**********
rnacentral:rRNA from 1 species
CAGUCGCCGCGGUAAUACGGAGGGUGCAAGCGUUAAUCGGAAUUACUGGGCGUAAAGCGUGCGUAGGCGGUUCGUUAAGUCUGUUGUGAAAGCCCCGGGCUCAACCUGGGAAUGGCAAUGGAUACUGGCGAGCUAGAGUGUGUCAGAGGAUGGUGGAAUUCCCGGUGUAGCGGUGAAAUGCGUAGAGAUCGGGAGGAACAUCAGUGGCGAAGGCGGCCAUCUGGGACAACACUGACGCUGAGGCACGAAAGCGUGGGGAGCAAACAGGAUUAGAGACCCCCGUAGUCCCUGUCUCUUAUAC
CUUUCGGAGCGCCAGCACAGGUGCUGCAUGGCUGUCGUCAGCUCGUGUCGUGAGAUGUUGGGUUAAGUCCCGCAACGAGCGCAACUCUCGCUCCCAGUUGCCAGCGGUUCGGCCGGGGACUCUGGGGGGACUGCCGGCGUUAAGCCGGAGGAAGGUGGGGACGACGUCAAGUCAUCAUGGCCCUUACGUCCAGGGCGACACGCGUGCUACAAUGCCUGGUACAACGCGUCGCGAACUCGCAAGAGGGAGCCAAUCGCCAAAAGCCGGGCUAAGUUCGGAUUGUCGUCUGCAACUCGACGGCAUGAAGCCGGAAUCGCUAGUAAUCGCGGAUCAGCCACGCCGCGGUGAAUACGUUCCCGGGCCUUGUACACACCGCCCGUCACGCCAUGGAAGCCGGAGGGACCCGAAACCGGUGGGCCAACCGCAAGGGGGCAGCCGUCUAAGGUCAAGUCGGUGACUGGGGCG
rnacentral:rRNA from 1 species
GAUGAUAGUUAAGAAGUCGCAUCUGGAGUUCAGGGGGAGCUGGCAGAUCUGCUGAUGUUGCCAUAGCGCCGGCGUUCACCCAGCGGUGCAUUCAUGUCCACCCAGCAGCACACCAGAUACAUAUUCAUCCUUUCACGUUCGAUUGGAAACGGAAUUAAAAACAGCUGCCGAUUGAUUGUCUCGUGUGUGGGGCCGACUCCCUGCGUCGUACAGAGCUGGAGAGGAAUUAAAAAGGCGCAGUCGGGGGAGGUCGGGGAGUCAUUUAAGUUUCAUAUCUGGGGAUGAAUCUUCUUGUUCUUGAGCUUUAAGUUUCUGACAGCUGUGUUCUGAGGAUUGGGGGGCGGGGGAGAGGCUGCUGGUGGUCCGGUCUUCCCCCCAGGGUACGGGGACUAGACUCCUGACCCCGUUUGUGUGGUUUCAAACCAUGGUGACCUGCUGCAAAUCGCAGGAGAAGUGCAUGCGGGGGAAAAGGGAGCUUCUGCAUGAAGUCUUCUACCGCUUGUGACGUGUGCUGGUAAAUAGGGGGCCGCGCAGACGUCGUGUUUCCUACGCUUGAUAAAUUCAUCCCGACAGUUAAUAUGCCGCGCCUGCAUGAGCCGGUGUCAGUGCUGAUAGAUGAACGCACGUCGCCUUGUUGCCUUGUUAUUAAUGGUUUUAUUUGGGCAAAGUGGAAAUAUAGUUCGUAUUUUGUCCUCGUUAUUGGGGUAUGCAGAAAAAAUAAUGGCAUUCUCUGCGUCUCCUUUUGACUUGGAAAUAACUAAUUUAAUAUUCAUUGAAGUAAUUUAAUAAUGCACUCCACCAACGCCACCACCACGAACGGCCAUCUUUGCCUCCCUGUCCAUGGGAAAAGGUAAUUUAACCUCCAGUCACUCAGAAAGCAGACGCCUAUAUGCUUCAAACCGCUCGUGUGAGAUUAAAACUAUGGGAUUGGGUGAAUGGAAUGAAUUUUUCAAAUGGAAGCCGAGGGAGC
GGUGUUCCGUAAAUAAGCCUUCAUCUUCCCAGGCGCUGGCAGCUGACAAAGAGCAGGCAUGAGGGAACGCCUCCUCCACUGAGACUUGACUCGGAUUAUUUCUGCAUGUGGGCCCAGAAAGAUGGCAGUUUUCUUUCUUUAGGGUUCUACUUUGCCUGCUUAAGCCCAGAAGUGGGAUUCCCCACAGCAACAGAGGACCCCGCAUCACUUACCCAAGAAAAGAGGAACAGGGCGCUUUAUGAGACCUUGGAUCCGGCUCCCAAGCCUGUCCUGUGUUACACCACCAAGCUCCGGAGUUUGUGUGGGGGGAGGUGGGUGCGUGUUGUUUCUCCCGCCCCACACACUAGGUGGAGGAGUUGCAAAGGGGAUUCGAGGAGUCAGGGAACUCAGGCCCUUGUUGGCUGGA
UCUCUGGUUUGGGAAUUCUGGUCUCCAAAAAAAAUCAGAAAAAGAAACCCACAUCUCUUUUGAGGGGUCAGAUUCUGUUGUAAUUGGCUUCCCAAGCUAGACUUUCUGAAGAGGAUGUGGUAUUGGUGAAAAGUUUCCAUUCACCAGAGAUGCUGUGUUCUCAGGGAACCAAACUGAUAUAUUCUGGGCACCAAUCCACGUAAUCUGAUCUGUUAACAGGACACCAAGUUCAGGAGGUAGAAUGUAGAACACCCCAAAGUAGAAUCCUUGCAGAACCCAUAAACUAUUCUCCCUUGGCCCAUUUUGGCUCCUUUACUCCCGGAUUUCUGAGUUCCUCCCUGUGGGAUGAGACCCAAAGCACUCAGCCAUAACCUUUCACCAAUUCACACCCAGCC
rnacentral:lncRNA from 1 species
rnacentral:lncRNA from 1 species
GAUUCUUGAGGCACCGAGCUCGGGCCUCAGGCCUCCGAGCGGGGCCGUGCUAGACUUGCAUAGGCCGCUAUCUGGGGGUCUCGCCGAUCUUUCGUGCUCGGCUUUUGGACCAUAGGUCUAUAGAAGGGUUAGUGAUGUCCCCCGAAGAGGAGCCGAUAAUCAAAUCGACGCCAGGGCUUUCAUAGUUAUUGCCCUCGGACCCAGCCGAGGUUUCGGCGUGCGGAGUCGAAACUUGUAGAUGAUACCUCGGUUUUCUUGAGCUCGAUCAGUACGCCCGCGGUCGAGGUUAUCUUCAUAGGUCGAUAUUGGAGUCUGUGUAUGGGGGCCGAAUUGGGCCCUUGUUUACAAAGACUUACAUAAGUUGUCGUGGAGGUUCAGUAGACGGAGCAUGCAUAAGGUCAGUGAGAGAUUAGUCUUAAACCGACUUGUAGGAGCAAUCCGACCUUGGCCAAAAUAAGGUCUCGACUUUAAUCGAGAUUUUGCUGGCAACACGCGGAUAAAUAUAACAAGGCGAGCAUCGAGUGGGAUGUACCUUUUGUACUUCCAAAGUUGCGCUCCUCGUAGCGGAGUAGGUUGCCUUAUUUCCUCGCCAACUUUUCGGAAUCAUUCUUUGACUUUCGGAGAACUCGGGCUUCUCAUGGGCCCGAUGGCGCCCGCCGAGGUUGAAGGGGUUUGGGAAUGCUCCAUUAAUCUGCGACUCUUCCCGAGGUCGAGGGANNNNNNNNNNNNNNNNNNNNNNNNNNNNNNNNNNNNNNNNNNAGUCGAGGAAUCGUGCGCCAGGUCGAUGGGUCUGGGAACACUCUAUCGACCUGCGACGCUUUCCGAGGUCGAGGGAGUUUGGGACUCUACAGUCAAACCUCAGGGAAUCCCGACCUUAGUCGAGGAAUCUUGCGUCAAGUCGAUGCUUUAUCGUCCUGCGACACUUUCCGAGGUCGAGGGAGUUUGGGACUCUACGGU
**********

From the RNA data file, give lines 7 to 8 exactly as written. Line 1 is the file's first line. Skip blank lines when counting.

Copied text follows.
UCUCUGGUUUGGGAAUUCUGGUCUCCAAAAAAAAUCAGAAAAAGAAACCCACAUCUCUUUUGAGGGGUCAGAUUCUGUUGUAAUUGGCUUCCCAAGCUAGACUUUCUGAAGAGGAUGUGGUAUUGGUGAAAAGUUUCCAUUCACCAGAGAUGCUGUGUUCUCAGGGAACCAAACUGAUAUAUUCUGGGCACCAAUCCACGUAAUCUGAUCUGUUAACAGGACACCAAGUUCAGGAGGUAGAAUGUAGAACACCCCAAAGUAGAAUCCUUGCAGAACCCAUAAACUAUUCUCCCUUGGCCCAUUUUGGCUCCUUUACUCCCGGAUUUCUGAGUUCCUCCCUGUGGGAUGAGACCCAAAGCACUCAGCCAUAACCUUUCACCAAUUCACACCCAGCC
rnacentral:lncRNA from 1 species